Greens Praise Court Ruling On Same-Sex Marriage
GREEN PARTY OF THE UNITED STATES
Thursday, February 19, 2004
GREENS PRAISE THE MASSACHUSETTS COURT RULING ON SAME-SEX MARRIAGE RIGHTS
WASHINGTON, D.C. -- Green Party members praised the recent Massachusetts Supreme Court ruling extending marriage rights to same-sex couples, and cheered for the numerous gay and lesbian couples in San Francisco who have taken advantage of the city's bestowal of marriage licenses on Valentine's Day.
Greens also spoke out against the backlash of panic and bigotry, especially President Bush's support for the proposed 'Marriage' amendment to the Constitution, and criticized presidential candidate Sen. John Kerry's (D-Mass.) rejection of the Massachusetts court ruling and opposition to same-sex marriage.
"Mr. Bush calls for Congress to uphold the sacredness and sacrament of marriage, which would violate the First Amendment's prohibition against government establishment of religion," said Brandon Lacy Campos, chair of the National Lavender Green Caucus. "When politicians say they have a 'moral' objection to same-sex marriage, as President Clinton did when he signed the antigay Defense of Marriage Act in 1996, they imply that gay Americans are somehow inherently immoral and undeserving of rights."
Many Greens believe that President Bush and other supporters of the amendment are vilifying gay, lesbian, bisexual, and transexual Americans in order to distract from the growing unpopularity of the Iraq venture and realization that the American people were deceived, as well as the nation's economic problems, and to appeal to special interests among the Republican Party's base of support. "Democrats like Sen. Kerry have fallen into their trap," said Starlene Rankin, Lavender Green Caucus delegate to the Green Party of the United States.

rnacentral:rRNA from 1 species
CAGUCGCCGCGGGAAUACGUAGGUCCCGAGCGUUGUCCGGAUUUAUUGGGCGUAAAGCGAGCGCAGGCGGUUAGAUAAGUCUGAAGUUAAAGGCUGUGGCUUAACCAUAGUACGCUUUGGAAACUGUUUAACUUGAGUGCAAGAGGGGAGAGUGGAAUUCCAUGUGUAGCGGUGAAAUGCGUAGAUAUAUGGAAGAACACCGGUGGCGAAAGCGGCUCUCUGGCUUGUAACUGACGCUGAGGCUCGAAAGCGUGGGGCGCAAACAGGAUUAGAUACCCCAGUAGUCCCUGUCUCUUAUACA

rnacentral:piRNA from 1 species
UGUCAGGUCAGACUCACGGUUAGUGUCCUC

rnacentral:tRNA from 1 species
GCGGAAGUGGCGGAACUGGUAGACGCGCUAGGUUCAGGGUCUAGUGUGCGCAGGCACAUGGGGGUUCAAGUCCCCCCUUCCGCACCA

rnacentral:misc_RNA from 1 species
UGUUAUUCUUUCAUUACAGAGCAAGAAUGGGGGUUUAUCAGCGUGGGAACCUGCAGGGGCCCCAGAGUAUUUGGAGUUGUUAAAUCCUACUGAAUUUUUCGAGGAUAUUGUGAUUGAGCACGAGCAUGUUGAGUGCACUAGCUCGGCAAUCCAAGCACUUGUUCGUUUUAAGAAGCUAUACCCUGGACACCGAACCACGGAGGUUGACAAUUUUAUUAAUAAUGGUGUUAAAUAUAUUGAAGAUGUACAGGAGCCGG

"Sen. Kerry's position, that 'gay marriage' should not be sanctioned but government should make every benefit associated with it available to same-sex couples, makes no rational or legal sense," Rankin added. "It's like saying that Muslims, Mormons, or Methodists should be free to practice their religion as long as they don't call it 'religion.'"
The national Green platform has supported same-sex marriage rights since the platform was introduced in 2000. Greens stressed that the Constitution mandates equal protection for all Americans and noted that protection of human rights and freedoms is neither a majoritarian concept nor subject to the approval of religious institutions or doctrines. "Laws against interracial marriage were wrong and deserved repeal, even when most Americans believed interracial marriage should remain outlawed," said Tim Casebolt, a member of the Lavender Green Caucus.
Greg Gerritt, secretary of the Green Party of the United States, agreed. "What's missing from the current debate is the idea of freedom -- the principle that all Americans get to choose how they want to live their lives, fall in love, establish relationships and families, without government's judgement and approval or disapproval. The Green Party's position supports that freedom. To use the Constitution to repeal rights and freedoms is abhorrent -- it's un-American."
The Green Party of the United States
1700 Connecticut Avenue NW, Suite 404 Washington, DC 20009. 202-319-7191, 866-41GREEN Fax 202-319-7193
Lavender Green Caucus http://www.lavendergreens.org
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